In 2015, a bit more than one-third of global internet users were in East and Southeast Asia, while 20 percent of value created in information industries originated there. Conversely, just 11 percent of internet users in 2015 resided in North America while 37 percent of value created in information industries originated there.

The Geographic Mismatch Between Users and Digital Value Creation, 2015
Regions Millions of internet users Share Information industries (Trade in Value added in Millions of U.S. Dollars) Share
North America 343 11% 1,179,632 37%
Europe 508 16% 818,529 26%
East and Southeast Asia 1,080 34% 625,194 20%
South and Central America 206 7% 99,675 3%
Other Regions 997 32% 432,448 14%
World 3,133 100% 3,155,478 100%

Note: Information industries includes publishing, audiovisual, broadcasting activities, telecommunications, IT, and other information services (industry codes: D58T60, D61, D62T63).

North America includes Canada, Mexico, and the United States; Europe includes Iceland, Norway, Switzerland, Russia, the United Kingdom, and the 27 member countries of the European Union; East and Southeast Asia includes Japan, Korea, Brunei, China, Hong Kong, Indonesia, Cambodia, Malaysia, Philippines, Singapore, Thailand, Chinese Taipei, and Vietnam; Other Regions include Australia, Israel, New Zealand, Turkey, India, Morocco, Saudi Arabia, South Africa, and Tunisia; World includes the remainder from the rest of the world.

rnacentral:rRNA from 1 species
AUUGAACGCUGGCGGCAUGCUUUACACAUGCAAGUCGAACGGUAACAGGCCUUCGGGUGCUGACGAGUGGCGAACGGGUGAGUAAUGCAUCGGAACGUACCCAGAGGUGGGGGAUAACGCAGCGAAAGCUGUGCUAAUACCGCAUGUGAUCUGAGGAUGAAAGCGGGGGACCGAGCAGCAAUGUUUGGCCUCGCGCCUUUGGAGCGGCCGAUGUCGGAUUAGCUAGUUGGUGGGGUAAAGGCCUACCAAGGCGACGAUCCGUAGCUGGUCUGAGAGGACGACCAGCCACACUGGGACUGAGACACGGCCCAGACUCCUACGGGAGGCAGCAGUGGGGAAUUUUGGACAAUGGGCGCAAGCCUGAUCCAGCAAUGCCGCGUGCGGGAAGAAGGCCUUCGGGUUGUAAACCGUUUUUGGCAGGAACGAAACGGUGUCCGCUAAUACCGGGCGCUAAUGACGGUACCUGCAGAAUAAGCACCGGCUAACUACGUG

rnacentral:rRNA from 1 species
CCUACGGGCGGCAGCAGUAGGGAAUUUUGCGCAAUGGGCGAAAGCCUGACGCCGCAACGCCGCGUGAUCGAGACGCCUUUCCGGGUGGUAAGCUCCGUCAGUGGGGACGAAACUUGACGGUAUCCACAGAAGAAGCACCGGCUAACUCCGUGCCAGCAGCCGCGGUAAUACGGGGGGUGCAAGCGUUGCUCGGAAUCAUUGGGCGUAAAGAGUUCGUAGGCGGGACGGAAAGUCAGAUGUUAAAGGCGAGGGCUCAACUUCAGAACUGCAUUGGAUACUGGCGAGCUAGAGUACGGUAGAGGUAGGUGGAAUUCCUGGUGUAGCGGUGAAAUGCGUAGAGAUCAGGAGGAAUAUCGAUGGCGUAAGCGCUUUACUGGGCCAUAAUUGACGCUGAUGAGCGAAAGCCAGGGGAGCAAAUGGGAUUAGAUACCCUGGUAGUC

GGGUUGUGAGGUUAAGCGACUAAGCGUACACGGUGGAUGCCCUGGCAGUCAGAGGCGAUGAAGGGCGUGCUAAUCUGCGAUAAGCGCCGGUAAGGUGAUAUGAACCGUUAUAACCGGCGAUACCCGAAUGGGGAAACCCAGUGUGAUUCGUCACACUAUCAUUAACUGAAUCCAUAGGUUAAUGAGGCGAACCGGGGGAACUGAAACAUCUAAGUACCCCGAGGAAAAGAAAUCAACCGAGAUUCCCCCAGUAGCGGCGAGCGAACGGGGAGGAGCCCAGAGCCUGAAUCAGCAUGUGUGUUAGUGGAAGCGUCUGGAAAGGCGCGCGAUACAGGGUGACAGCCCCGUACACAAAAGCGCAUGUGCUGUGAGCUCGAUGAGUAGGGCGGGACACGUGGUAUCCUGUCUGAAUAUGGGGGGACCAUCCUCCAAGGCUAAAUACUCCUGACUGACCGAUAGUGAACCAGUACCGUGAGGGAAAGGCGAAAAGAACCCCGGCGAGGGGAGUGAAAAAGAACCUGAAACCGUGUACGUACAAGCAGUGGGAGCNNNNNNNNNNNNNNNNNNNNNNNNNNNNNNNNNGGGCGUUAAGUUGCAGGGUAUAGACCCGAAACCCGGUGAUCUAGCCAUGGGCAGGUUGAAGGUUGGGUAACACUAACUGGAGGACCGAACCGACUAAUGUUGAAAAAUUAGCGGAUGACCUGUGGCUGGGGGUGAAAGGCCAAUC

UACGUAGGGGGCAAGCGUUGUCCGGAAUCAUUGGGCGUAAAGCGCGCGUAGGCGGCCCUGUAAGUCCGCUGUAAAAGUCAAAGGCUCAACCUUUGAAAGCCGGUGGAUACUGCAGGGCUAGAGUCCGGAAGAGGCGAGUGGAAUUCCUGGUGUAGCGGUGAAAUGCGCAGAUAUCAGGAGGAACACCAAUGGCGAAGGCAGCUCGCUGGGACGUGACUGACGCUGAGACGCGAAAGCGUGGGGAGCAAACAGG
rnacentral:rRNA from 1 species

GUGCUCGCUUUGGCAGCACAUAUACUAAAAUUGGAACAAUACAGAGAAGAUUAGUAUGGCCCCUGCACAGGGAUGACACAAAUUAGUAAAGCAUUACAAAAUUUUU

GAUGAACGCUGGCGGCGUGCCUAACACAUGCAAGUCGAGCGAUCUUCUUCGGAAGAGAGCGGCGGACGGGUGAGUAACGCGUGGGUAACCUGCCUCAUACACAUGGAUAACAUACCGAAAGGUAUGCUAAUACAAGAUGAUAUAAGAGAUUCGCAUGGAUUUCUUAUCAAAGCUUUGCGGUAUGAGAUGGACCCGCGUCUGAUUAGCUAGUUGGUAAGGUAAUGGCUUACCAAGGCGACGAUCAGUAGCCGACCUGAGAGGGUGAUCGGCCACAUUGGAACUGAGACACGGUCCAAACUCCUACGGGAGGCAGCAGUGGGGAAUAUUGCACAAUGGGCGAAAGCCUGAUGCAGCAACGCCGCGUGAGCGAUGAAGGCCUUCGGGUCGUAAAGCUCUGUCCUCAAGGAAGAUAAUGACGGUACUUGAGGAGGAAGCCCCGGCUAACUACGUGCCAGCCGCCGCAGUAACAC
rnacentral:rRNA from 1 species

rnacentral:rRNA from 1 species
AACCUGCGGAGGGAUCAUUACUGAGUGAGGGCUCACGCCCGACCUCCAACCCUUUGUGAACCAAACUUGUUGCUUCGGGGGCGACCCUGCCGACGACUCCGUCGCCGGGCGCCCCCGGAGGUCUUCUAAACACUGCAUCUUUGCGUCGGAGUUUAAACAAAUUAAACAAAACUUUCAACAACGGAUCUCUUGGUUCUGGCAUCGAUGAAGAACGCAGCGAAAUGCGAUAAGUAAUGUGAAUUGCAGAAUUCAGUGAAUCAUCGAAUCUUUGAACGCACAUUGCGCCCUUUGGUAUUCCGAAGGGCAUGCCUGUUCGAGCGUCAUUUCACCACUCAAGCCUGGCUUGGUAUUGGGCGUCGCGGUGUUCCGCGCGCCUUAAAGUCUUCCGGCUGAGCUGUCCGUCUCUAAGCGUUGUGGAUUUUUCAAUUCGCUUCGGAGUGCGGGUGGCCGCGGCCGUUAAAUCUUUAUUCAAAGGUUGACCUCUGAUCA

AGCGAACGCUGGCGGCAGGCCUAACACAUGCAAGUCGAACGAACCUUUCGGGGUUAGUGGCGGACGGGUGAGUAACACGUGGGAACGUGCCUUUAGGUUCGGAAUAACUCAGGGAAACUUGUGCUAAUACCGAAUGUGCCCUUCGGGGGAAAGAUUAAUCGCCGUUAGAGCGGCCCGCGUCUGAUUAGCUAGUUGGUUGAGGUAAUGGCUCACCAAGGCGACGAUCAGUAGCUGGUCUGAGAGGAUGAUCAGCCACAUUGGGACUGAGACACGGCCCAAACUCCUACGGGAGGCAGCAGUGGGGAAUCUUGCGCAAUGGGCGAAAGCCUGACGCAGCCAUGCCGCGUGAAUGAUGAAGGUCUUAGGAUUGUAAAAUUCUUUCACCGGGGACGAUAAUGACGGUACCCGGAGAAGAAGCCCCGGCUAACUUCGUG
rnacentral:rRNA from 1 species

Source: “Number of Internet Users by Country,” Our World in Data, accessed May 22, 2020,; and OECD, “Trade in Value Added (TiVA): Principal Indicators,” accessed May 22, 2020,

Multilateralism or Unilateralism?

Because of the mismatch in the current distribution of internet users and the location of digital production, changing tax rules to reflect where users are located would change where businesses owe and pay taxes. This highlights the political challenge of rewriting the rules in ways that impact which countries receive tax revenue from digital businesses. This is where the Organisation for Economic Co-operation and Development (OECD) has stepped in to manage negotiations among more than 130 countries.[9]

The conflicting policies that have arisen unilaterally—such as digital services taxes—require multilateral action to avoid a harmful tax and trade war at the end of 2020.[10] However, the solutions on the table at the OECD already violate sound principles of tax policy. As that work continues, this paper takes stock of existing digital tax measures and highlights the strengths and weaknesses of the various approaches.

Key Recommendations

The digital tax debate is far from over, and policymakers should seek to follow sound principles in developing, refining, and (in some cases) removing digital tax policies.